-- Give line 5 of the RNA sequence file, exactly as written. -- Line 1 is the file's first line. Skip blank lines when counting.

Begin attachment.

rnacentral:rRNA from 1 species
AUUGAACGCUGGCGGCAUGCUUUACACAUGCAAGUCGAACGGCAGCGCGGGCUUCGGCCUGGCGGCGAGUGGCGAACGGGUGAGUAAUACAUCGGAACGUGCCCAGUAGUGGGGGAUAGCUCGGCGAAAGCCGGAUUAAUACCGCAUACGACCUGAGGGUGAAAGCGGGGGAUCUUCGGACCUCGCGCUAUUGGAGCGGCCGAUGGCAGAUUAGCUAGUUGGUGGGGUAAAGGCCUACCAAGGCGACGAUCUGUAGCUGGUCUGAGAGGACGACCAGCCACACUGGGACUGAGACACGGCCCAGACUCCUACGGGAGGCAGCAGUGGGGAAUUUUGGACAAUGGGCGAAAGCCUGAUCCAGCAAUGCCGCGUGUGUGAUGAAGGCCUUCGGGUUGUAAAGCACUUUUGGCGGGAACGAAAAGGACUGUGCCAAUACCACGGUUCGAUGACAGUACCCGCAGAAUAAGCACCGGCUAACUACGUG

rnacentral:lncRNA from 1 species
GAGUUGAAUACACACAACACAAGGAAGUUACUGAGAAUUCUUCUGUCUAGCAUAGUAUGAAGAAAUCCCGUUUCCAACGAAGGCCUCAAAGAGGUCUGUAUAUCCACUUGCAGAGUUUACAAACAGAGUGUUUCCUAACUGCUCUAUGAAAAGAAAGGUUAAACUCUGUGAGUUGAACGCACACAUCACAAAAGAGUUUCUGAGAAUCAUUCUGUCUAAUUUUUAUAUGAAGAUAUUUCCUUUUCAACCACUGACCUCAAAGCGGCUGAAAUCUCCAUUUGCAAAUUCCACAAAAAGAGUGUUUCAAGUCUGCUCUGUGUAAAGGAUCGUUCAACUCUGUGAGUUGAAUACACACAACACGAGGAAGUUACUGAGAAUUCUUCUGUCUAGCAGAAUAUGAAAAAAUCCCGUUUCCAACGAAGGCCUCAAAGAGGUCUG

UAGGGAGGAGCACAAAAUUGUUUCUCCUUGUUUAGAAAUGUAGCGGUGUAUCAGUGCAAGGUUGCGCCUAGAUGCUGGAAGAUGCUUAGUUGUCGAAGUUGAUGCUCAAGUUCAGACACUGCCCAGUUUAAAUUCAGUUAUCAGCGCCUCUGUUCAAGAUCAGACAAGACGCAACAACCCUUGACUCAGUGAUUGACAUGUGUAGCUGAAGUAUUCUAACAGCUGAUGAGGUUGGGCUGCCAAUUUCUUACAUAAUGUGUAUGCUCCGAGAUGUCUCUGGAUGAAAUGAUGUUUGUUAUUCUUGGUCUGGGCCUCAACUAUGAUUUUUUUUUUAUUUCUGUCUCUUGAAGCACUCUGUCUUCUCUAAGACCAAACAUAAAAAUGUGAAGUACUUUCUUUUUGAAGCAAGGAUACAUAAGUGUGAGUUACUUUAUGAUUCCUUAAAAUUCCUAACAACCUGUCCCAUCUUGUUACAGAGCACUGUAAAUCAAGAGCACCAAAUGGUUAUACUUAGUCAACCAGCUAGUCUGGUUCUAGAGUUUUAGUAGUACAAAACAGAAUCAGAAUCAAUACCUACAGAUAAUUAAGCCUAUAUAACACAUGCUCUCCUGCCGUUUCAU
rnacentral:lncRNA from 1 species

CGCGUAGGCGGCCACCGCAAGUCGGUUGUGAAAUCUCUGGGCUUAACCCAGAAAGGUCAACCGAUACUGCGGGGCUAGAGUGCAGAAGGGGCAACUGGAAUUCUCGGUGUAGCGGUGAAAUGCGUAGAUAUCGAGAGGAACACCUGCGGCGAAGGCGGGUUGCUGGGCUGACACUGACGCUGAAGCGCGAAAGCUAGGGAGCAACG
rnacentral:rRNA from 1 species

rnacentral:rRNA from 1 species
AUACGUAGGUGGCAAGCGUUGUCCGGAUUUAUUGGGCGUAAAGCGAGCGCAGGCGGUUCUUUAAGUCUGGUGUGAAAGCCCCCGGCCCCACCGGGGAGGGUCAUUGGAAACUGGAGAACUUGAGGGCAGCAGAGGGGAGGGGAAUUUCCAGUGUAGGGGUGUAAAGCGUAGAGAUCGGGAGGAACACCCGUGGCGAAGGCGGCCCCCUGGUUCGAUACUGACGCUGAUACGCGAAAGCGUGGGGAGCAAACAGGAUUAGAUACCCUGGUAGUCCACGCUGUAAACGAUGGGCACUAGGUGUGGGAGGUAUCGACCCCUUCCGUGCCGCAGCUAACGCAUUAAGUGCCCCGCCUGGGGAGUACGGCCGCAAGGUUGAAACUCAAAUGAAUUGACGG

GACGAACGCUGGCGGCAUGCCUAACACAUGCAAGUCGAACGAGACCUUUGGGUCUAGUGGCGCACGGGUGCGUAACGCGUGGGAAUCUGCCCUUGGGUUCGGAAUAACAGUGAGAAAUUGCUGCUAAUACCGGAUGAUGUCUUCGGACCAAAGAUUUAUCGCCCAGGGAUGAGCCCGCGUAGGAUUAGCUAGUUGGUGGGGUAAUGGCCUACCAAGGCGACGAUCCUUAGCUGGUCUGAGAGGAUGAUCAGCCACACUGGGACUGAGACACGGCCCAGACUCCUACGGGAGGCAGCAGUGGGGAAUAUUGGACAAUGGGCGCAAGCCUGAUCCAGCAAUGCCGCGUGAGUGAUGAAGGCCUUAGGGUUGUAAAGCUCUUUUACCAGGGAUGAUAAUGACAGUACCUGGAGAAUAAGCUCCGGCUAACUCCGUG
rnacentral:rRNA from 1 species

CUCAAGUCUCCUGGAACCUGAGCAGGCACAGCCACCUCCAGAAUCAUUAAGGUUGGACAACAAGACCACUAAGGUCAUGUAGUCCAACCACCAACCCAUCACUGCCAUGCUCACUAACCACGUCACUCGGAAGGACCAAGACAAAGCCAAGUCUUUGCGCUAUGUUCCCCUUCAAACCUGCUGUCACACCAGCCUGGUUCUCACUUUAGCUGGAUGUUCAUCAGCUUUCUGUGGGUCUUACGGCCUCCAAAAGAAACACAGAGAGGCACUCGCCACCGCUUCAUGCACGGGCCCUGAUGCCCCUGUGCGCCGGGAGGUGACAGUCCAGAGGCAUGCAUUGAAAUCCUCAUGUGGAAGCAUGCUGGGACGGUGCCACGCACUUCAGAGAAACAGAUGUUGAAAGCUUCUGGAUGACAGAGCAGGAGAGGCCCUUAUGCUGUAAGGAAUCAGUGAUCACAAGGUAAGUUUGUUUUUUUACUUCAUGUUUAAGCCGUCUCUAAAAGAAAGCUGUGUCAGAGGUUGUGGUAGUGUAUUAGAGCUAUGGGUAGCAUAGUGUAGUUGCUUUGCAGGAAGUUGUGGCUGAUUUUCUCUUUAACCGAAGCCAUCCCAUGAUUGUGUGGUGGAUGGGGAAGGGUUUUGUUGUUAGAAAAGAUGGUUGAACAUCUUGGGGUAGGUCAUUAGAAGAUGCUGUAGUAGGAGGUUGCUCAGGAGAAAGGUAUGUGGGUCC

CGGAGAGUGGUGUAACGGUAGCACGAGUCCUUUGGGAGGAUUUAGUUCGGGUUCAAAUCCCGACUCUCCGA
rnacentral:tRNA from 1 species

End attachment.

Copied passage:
UAGGGAGGAGCACAAAAUUGUUUCUCCUUGUUUAGAAAUGUAGCGGUGUAUCAGUGCAAGGUUGCGCCUAGAUGCUGGAAGAUGCUUAGUUGUCGAAGUUGAUGCUCAAGUUCAGACACUGCCCAGUUUAAAUUCAGUUAUCAGCGCCUCUGUUCAAGAUCAGACAAGACGCAACAACCCUUGACUCAGUGAUUGACAUGUGUAGCUGAAGUAUUCUAACAGCUGAUGAGGUUGGGCUGCCAAUUUCUUACAUAAUGUGUAUGCUCCGAGAUGUCUCUGGAUGAAAUGAUGUUUGUUAUUCUUGGUCUGGGCCUCAACUAUGAUUUUUUUUUUAUUUCUGUCUCUUGAAGCACUCUGUCUUCUCUAAGACCAAACAUAAAAAUGUGAAGUACUUUCUUUUUGAAGCAAGGAUACAUAAGUGUGAGUUACUUUAUGAUUCCUUAAAAUUCCUAACAACCUGUCCCAUCUUGUUACAGAGCACUGUAAAUCAAGAGCACCAAAUGGUUAUACUUAGUCAACCAGCUAGUCUGGUUCUAGAGUUUUAGUAGUACAAAACAGAAUCAGAAUCAAUACCUACAGAUAAUUAAGCCUAUAUAACACAUGCUCUCCUGCCGUUUCAU